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Financial Services Law Insights and Observations


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  • CFPB blog post tackles mortgage closing costs, seeks consumer feedback

    Federal Issues

    On March 8, the CFPB published a blog post seeking consumer input on experiences with the closing process of consumer mortgages, and in particular, closing costs. The blog post posited that closing costs significantly impact a borrower’s financial commitment and, potentially, monthly payments and identified a “noticeable increase” in closing costs, with median total loan expenses on home purchase loans increasing by 21.8 percent between 2021 and 2022. In particular, the Bureau singled out title insurance fees and credit reporting fees. It labeled title insurance as a fee that borrowers are charged and for which they have no control over the cost, alleging that “the amount that borrowers pay for lender’s title insurance is often much greater than the risk.” With respect to credit reports, the Bureau remarked that the highly concentrated industry dictates the price of credit reports, citing anecdotal evidence of cost increases of 25 to 400 percent.

    The blog post also indicated that borrowers with smaller mortgages, including those with lower incomes, first-time homebuyers, and individuals residing in Black and Hispanic communities, are often disproportionately affected by closing costs, because they are typically fixed costs and do not change based on the size of the loan. The Bureau requested that consumers provide input on their experience with mortgage or closing costs, signaling that it will continue to analyze and if necessary “issue rules and guidance to improve competition, choice, and affordability.”

    Federal Issues CFPB Junk Fees Mortgages Mortgage Origination Title Insurance Discount Points Fees Credit Report Competition Consumer Finance

  • SBA unveils enhanced Lender Match tool to connect small businesses with lenders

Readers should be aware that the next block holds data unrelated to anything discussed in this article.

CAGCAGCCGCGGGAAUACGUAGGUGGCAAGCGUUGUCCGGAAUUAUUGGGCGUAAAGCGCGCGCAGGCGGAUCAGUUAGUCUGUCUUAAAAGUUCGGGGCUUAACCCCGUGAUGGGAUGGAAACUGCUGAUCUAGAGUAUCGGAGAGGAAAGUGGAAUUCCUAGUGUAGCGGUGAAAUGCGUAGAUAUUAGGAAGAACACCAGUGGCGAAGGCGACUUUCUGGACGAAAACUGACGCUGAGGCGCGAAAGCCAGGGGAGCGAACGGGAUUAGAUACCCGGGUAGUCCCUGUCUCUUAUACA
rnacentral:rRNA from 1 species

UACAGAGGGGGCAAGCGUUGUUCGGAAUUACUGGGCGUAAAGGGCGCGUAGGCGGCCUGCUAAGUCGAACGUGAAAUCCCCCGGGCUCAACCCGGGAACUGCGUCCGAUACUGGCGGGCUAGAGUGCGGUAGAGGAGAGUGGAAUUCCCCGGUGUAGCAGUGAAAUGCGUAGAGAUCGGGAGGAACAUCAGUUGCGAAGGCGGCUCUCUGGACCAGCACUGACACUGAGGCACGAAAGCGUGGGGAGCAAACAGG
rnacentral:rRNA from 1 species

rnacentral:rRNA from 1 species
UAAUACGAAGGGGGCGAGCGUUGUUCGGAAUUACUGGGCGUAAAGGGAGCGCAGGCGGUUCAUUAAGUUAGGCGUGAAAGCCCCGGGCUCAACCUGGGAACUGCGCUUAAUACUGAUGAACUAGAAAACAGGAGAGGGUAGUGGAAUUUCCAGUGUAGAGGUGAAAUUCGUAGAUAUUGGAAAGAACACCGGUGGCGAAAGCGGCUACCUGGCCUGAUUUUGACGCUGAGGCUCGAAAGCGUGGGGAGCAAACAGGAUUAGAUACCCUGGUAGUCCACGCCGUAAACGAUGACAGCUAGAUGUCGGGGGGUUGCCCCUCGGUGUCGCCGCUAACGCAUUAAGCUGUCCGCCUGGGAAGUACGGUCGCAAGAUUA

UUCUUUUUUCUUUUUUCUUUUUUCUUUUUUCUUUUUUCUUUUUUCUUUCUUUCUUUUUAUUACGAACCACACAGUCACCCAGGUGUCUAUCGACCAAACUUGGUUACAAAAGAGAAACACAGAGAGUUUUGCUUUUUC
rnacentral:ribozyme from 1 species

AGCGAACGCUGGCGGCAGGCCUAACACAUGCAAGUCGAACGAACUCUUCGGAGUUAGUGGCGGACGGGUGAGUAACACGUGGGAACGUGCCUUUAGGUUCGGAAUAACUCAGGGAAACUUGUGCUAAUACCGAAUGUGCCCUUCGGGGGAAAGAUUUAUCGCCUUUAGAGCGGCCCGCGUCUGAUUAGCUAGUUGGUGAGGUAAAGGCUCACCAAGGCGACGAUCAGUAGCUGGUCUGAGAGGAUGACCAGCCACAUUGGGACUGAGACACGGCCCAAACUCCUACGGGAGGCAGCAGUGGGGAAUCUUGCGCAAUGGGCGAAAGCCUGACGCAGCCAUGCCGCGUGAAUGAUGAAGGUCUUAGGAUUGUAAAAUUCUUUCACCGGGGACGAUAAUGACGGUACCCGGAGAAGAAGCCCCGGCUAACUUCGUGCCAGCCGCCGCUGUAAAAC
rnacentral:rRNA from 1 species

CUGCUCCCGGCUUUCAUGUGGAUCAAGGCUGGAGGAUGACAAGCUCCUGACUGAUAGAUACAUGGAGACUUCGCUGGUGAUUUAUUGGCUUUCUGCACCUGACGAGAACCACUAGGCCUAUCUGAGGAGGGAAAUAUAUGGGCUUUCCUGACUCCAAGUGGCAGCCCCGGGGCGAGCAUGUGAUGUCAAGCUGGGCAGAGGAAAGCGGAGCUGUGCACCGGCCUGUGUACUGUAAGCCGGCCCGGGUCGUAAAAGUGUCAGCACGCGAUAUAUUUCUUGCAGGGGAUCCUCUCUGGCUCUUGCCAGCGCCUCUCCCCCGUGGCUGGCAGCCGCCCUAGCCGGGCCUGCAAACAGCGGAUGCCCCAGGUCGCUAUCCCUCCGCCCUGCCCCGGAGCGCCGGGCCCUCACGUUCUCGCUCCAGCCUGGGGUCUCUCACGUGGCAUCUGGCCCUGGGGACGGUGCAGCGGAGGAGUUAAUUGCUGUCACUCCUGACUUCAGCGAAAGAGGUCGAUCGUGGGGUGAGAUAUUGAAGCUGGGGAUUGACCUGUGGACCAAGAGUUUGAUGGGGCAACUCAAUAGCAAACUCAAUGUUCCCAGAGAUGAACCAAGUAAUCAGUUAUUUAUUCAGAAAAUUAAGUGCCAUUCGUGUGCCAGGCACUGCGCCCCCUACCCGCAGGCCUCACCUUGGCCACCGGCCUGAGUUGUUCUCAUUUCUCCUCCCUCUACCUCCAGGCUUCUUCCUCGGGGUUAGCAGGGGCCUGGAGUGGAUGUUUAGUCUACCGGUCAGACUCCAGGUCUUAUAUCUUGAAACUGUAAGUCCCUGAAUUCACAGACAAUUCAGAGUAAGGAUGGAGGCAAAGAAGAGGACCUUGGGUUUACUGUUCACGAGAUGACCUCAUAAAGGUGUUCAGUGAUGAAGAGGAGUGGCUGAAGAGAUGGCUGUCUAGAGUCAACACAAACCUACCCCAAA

Federal Issues

    On March 4, the SBA announced the launch of an online tool for small businesses to connect to capital through the SBA’s network of nearly 1,000 approved banks and private lenders. This Lender Match tool was designed to provide users with a more effective and user-friendly interface, including a mobile-friendly interface that allows small business entrepreneurs and enterprises seeking to grow businesses to more easily identify and compare potential lenders. The tool also included fraud-screening measures to ensure a smoother process for both parties. Small businesses that are unable to find a match through the tool will be directed to the SBA’s local advisors for additional support in becoming “capital-ready.” The SBA hopes to facilitate more connections for entrepreneurs looking for various financing options through the enhanced Lender Match platform including microloans and growth capital with competitive terms.

    Federal Issues SBA Consumer Finance Small Business

  • FHFA announces updates for implementation of GSE credit score requirements

    Federal Issues

    On February 29, FHFA announced updates related to the implementation of new credit score requirements for single-family loans acquired by Freddie Mac and Fannie Mae (GSEs). As previously covered by InfoBytes, FHFA released a two-phase plan for soliciting stakeholder input on the agency’s proposed process for updating credit score requirements. The new process, called the FICO 10T model, will, among other things, require two credit reports (a “bi-merge” credit report) from the national consumer reporting agencies, rather than the traditional three (covered by InfoBytes here). After considering stakeholder input, FHFA expects to transition from the Classic FICO credit score model to the bi-merge credit reporting requirement in Q1 2025. The GSEs will also move up the publication of VantageScore 4.0 historical data to Q3 2024 “to better support market participants” and provide pertinent historical data before the transition. FHFA will provide more details on the timing for FICO 10T implementation once this initial process is complete.

    Federal Issues Freddie Mac Fannie Mae GSEs Credit Scores Consumer Finance Agency Rule-Making & Guidance

  • Minnesota Attorney General settles with tribal company over high interest rates

    State Issues

    On February 21, the Minnesota Attorney General announced a settlement with a tribal economic development entity to resolve a 2023 federal lawsuit that alleged the entity’s lending subsidiaries were engaged in predatory lending and illegal interest rates, in violation of Minnesota and federal consumer lending laws. As previously covered by InfoBytes, the complaint claimed that the entity’s lending subsidiaries charged interest rates of up to 800 percent in violation of state statutory caps of eight percent, and led state residents to believe that the entity was exempt from state laws that protect against predatory lending.

    Under the terms of the settlement, the entity and its subsidiaries can no longer lend to Minnesota residents nor advertise or market those loans. The settlement also required any loan issued to consumers in Minnesota before the settlement is canceled, except to recover the original principal balance with all past payments to be attributed towards paying down the principal balance.

    State Issues Courts Minnesota Interest Rate Consumer Finance State Attorney General Settlement Enforcement Consumer Protection